The Upstate's Happiness Factor: The Naturaland Trust

Many Upstate residents have never heard of the Blue Ridge Escarpment even though it traverses the northern sections of Oconee, Pickens, and Greenville Counties. In these areas, the terrain sharply rises—as much as 2,000 feet in only one or two miles—from the Piedmont Plateau to the North Carolina mountains.

It is because the altitude changes so dramatically over such a short distance that this area is home to hundreds of rare species, over 50 waterfalls, and some of South Carolina’s most breathtaking vistas.

Take for example the Jocassee Gorges area, which is a large tract of rocky ridges, forested land, swift mountain streams, waterfalls, and rare plant habitats. Due to sharply changing altitudes, incoming moist air turns into rain—as much as 100 inches per year. This temperate rainforest climate is unique in the Eastern United States and makes this area a refuge for ferns, mosses, and other moisture-loving species.

In an effort to protect the special places in the mountains for future generations, Greenville attorney and avid nature lover Tommy Wyche started the Naturaland Trust in 1973. In the intervening 41 years the Trust has diligently worked with area businesses, private land owners, and government entities to protect the Blue Ridge Escarpment.

According to Executive Director Mac Stone, what makes the Naturaland Trust unique is that it works behind the scenes. “We’re a small organization. It’s just me and very dedicated board members who know the habitat, know the land owners, and are able to talk with the local community to find out what properties are most at risk.”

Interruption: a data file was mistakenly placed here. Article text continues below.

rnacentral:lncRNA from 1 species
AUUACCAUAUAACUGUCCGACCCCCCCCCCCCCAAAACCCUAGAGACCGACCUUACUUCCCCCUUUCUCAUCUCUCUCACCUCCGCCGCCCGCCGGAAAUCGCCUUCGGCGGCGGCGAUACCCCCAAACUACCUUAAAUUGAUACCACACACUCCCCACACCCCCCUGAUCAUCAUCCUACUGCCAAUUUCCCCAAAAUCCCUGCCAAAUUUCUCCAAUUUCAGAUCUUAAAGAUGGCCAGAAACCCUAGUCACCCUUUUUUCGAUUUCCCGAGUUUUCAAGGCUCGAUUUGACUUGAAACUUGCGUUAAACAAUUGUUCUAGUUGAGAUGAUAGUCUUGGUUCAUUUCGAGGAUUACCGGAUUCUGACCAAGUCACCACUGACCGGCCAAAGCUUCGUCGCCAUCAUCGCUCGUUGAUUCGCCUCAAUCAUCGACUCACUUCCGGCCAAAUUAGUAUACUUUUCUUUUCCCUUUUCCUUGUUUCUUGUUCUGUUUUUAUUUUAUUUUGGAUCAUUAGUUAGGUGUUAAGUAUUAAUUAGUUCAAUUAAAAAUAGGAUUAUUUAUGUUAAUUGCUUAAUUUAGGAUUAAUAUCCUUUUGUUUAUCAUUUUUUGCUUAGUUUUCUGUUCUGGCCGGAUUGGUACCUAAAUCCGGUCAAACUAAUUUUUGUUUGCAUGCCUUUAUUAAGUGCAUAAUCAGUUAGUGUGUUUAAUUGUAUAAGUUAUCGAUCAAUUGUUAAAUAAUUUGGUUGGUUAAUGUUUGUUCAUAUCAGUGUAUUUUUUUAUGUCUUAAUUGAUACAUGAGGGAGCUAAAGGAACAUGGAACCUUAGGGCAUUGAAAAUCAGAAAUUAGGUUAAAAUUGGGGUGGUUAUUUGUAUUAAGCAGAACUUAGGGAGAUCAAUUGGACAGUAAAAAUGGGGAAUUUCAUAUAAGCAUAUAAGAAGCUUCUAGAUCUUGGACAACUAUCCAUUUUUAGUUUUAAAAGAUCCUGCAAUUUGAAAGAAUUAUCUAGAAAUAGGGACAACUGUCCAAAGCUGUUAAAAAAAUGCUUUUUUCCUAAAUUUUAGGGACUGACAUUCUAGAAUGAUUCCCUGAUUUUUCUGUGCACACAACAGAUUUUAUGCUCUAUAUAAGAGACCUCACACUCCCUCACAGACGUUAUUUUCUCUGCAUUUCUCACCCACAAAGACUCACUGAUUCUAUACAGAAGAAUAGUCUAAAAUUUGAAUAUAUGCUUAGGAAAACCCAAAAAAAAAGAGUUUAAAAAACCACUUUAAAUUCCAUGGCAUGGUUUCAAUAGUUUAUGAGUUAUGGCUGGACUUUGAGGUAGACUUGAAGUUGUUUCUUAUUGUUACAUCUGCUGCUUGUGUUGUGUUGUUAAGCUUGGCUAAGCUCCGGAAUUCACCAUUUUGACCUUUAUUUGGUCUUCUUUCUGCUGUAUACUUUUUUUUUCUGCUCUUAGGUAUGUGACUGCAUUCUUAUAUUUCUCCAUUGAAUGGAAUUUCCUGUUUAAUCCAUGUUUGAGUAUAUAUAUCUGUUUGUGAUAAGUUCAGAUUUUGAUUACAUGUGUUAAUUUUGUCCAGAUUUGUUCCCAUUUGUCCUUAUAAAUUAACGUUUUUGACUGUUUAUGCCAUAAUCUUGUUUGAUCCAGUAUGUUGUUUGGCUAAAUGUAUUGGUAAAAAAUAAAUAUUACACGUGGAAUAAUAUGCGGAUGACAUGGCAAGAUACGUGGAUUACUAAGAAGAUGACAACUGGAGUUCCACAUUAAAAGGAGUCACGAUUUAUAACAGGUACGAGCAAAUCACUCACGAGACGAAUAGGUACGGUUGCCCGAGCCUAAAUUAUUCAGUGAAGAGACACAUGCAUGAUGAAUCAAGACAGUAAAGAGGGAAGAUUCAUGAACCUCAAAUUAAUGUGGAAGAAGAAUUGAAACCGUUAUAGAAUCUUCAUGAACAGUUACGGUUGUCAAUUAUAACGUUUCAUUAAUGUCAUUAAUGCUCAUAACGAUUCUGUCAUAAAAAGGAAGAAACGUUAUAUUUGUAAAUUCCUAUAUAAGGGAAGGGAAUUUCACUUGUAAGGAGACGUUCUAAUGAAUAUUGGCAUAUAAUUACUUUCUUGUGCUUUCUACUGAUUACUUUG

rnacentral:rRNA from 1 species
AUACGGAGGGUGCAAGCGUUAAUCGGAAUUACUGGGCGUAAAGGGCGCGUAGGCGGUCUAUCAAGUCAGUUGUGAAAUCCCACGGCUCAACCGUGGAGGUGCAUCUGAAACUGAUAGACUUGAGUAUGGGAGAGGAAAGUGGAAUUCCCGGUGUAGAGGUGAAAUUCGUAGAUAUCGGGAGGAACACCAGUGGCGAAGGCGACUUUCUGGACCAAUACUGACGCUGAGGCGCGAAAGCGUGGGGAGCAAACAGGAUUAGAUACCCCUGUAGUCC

According to Stone, there are several reasons a tract of land might be at risk. “Some of these areas have no zoning and have no regulations surrounding their protection. So we try to purchase these properties and then turn them over to the public so they can enjoy them,” said Stone.

Stone went on to say that some tracts of the in the escarpment needed to be protected from development: “We’re not opposed to business and we’re not opposed to people having homes. But there are certain areas that are so ecologically unique and can form part of these wildlife corridors which we also enjoy for hunting or hiking or recreation that should be protected.”

While there is still work to be done, Stone explained that the Naturaland Trust has already has achieved several of its goals. “We own about 3,300 acres, but we’ve helped protect well over 100,000 acres. Tommy Wyche helped out with the purchase of Caesar’s Head, Jones Gap State Park, and the Jocassee Gorges wilderness area. These are all these properties we’ve helped protect. First we raise funds to purchase land and then we donate the land back to the state or we’ve participated in the protection of these areas,” he says.

The map of the Blue Ridge escarpment of South Carolina, to the right, shows protected lands in green and the remaining unprotected tracts in tan.

Stone also noted that wilderness protection goes hand in hand with improving the Upstate’s economic situation. “Providing these green spaces has literally transformed our area into what it is today. Being able to have a balance between business and green spaces is critical for maintaining this area’s sense of wellness. It’s like an intangible of the happiness factor. To be able to know that you can go to downtown Greenville and walk around and in 20 minutes you can be in complete wilderness is the balance we’re trying to maintain here. That’s what makes our area very unique. So is conservation good for business? You bet it is because this is what brings people to our area.”

Nature photo credit: Mac Stone

Article by Josephine McMullen